Explaining HP and XP to a Non-Gamer

HP and XP may seem like alien concepts to a non-gamer, like arbitrary meters that which have no basis in reality. This is somewhat true, but that's because HP and XP aren't based on real world concepts, but on narrative concepts. I like to explain them to non-gamers (or new gamers) like so:

Think of "the story" in a game as a kind of "god". However, unlike most gods, it doesn't have a specific personification in-universe. Instead, the story is a nebulous "cosmic will" with a certain "plan", and wants nothing more than to elevate characters that make the story itself more interesting and epic. When the story doesn't like the way events unfold in its universe, it either prevents them from continuing in that way or requires restarting the story's plan from a certain point. The story's only other ability is to grant boons to characters that help fulfill the story's plan.

In a game's story, a character's Hit Points (HP) are a measure of their remaining amount of "cosmic luck". That is, how much luck they have in the grand scheme of things as granted by the will of the story. Every time you hear "HP", think "cosmic luck". Every time something attacks the character, the character tries to avoid becoming seriously injured. That is, when the character narrowly dodges that serious injury, dodging that injury consumes some of their "cosmic luck". As their "cosmic luck" runs low, they become at greater and greater risk of "their luck running out". Their luck running out may be represented in that game as falling unconscious, becoming winded, or even starting to bleed to death.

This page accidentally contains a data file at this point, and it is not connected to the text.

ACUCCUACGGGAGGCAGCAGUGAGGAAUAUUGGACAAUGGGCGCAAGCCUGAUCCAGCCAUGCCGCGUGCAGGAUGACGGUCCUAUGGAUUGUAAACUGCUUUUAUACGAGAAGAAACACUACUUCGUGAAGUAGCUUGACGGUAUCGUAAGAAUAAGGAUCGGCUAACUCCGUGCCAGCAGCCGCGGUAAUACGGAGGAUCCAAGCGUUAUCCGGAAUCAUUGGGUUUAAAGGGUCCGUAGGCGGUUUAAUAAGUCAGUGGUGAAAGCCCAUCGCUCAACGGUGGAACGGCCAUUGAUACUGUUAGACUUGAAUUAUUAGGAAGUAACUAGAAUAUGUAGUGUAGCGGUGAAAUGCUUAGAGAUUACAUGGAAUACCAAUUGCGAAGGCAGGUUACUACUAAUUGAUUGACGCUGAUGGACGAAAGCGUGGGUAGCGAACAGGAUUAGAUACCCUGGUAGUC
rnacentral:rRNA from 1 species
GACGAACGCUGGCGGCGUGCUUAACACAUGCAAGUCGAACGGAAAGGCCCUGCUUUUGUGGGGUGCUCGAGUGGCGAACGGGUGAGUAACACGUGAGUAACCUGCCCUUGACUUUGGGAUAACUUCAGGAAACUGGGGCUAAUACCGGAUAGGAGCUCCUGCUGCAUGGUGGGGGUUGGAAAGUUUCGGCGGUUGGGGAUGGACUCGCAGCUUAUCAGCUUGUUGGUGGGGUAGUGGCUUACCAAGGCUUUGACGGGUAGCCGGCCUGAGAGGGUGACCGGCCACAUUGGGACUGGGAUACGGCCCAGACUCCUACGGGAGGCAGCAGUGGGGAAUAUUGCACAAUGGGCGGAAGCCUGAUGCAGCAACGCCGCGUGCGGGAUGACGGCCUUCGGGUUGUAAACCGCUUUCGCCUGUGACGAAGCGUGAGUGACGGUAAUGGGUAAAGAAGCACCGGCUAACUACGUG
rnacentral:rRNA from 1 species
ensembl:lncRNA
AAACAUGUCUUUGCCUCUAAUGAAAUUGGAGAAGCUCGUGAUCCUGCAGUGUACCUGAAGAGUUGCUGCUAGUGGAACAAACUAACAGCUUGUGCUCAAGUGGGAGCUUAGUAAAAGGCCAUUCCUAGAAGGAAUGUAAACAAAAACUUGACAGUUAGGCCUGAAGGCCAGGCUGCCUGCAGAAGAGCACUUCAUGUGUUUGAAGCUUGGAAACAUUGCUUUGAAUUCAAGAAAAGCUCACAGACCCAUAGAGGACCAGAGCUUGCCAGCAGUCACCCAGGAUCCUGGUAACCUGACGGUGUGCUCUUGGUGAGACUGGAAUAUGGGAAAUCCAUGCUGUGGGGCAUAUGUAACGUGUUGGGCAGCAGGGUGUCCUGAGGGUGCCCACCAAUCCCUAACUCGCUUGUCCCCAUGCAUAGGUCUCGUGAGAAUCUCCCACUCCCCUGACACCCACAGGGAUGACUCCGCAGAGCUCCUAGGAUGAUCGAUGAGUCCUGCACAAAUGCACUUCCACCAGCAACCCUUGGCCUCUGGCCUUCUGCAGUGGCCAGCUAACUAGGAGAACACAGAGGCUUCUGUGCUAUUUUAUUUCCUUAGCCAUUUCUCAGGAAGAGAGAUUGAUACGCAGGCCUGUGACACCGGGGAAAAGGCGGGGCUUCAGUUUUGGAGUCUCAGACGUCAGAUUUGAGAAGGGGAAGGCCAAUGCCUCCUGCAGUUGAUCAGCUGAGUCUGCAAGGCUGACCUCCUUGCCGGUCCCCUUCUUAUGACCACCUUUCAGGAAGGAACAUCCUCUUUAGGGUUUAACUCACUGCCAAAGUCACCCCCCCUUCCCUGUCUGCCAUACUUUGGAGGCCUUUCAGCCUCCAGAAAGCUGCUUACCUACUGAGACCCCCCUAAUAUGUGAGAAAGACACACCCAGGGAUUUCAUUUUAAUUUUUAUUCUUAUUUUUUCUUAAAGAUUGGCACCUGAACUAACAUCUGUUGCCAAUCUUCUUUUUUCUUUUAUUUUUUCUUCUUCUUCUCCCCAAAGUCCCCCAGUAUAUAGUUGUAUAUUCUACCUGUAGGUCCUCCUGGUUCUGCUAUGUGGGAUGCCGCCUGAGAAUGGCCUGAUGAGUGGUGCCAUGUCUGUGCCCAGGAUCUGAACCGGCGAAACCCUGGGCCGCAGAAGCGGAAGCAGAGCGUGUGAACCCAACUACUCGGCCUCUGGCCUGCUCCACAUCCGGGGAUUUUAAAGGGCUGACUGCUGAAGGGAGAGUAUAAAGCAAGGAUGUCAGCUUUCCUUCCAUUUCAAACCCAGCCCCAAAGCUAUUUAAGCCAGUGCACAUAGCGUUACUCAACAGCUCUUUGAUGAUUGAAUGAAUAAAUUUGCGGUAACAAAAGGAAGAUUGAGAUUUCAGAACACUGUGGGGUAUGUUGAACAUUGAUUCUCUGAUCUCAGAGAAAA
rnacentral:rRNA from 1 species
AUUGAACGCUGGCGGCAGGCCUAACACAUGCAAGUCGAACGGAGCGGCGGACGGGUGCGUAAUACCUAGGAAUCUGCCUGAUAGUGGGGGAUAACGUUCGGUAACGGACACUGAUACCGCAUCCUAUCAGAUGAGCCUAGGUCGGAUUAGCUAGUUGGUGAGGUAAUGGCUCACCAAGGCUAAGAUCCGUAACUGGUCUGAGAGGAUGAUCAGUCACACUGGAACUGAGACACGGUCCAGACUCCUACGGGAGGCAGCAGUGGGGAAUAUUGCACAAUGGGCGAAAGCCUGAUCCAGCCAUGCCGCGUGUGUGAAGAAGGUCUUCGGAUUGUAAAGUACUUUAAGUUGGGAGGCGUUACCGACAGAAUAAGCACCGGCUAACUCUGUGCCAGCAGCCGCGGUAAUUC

All "healing" effects in the universe's story may be doing some actual curative minor effects or helping the character recover from further serious injury, but most of what they're actually doing is "restoring cosmic luck". Healing effects make it more plausible that the character could shrug off or dodge a potentially-grievous injury. Auxiliary effects that come with an attack (such as poison) still work within this understanding of HP because every attack is only narrowly dodging a grievous injury, so a scratch or other minor injury could still have happened from an attack that would bring on that auxiliary effect.

A character's Experience Points (XP) are a measure of their growing "cosmic importance". That is, how important they are in the grand scheme of things. Every time you hear "XP", think "cosmic importance". Every time a character experiences something relevant to the story, the character is becoming slightly more important in-universe to the overall story. As a result, the story takes more of an interest in that character on a cosmic scale. Because the story is taking more interest in you, it rewards you with more "cosmic luck" along with other benefits relevant to the story. When it grants a character these new benefits, it's called "leveling up". "Levels" are just a numeric measure of how much the story (as a cosmic entity) is invested in that character's effects on the story's plan. The story wants to see what you'll do, and wants to guide you along towards meeting its own needs.